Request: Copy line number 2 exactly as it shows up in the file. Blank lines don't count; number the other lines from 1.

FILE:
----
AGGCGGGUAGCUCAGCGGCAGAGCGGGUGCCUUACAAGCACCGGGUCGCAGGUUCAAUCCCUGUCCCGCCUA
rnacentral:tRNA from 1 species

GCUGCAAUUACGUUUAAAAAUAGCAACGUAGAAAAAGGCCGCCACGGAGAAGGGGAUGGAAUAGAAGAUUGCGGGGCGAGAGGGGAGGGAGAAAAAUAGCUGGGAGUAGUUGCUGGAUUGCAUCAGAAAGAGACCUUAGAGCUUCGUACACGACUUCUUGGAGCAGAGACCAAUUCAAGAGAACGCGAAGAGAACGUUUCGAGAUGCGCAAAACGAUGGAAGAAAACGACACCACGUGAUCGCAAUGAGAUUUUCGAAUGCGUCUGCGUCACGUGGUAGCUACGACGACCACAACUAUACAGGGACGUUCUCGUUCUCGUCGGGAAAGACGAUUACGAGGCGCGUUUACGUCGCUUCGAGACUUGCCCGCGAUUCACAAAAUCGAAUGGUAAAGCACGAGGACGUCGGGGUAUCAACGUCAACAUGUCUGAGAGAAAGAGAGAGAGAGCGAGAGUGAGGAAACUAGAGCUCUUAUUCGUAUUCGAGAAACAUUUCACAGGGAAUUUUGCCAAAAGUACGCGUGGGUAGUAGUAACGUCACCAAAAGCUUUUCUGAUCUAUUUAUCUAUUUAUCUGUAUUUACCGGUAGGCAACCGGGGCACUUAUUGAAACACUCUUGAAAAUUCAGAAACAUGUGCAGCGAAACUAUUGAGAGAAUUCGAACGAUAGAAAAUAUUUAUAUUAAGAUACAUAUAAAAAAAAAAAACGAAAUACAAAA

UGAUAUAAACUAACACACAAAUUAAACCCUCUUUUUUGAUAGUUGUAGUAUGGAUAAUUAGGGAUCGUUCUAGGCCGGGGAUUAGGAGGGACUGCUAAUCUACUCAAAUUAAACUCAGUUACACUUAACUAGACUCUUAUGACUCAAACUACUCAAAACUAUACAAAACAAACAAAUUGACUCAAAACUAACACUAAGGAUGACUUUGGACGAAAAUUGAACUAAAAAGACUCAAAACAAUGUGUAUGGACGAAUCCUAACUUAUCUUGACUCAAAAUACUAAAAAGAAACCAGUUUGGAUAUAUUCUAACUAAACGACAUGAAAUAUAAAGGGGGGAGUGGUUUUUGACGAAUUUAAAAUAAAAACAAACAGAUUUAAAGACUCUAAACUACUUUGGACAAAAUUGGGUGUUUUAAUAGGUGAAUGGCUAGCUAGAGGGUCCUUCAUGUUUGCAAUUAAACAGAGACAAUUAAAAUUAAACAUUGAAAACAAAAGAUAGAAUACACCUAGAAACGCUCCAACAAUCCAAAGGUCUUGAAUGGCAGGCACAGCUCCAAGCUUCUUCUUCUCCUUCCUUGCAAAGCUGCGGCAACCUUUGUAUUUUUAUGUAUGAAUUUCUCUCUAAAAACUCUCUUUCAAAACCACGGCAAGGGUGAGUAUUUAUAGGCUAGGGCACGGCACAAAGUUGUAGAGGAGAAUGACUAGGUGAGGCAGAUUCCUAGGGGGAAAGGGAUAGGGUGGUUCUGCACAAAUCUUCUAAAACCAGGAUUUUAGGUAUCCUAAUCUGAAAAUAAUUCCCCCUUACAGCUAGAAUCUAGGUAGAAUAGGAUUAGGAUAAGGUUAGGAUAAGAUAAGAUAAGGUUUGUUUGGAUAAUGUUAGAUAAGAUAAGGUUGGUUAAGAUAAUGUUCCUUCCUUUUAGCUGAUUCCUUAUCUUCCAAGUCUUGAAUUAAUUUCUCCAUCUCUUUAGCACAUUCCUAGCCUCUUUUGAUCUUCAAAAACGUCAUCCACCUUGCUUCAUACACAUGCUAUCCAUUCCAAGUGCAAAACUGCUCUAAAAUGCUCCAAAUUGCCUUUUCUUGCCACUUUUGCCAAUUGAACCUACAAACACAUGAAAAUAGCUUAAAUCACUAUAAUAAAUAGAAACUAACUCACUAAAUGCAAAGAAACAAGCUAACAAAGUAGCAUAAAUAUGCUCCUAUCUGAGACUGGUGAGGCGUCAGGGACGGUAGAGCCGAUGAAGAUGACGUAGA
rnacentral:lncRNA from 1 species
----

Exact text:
rnacentral:tRNA from 1 species